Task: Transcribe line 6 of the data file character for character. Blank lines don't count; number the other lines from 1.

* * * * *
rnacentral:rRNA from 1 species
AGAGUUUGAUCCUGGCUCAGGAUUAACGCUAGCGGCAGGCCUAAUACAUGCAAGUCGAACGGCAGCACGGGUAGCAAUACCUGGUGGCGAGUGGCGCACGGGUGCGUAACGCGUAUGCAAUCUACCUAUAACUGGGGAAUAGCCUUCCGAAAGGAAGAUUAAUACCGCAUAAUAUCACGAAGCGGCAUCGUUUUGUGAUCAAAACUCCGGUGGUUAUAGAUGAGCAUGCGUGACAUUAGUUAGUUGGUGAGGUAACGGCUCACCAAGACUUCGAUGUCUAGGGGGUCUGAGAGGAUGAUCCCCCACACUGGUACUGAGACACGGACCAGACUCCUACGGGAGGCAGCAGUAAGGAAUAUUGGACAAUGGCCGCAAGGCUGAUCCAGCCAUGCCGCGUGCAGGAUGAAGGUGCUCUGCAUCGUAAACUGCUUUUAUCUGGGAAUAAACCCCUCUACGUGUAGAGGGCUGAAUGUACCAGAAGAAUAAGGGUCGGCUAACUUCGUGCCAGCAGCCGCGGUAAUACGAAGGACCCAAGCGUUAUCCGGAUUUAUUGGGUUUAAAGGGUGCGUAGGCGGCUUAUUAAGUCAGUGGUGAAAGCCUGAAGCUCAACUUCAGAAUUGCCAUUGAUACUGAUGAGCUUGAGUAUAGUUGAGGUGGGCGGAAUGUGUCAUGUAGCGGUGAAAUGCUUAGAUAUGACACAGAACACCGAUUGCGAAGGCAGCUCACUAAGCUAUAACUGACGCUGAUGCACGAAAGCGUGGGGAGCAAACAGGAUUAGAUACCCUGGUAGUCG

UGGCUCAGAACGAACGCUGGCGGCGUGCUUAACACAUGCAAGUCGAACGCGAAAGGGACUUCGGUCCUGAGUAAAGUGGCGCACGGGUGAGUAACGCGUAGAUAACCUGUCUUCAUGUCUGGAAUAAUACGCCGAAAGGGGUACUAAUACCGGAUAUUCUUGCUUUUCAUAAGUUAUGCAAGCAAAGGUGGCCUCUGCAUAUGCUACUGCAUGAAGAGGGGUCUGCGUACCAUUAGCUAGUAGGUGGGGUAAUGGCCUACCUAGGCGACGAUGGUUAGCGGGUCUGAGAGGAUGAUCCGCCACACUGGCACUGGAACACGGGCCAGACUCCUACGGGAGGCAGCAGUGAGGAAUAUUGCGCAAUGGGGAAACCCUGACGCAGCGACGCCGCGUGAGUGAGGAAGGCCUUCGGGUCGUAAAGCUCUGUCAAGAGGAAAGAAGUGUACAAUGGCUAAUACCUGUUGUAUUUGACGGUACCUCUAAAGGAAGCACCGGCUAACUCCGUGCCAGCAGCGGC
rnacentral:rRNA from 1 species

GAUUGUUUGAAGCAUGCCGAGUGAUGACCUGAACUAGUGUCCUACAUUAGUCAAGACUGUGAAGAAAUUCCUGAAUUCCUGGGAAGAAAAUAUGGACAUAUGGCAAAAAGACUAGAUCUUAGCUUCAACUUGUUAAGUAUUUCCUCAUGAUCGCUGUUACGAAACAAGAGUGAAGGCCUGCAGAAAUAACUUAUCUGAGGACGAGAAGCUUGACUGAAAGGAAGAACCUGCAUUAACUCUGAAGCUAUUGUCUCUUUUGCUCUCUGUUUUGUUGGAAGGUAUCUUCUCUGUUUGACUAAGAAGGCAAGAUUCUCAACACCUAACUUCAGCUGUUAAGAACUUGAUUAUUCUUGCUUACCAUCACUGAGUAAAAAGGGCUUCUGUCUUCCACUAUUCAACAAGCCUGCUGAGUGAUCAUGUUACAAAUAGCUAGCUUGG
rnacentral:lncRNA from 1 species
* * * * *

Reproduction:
rnacentral:lncRNA from 1 species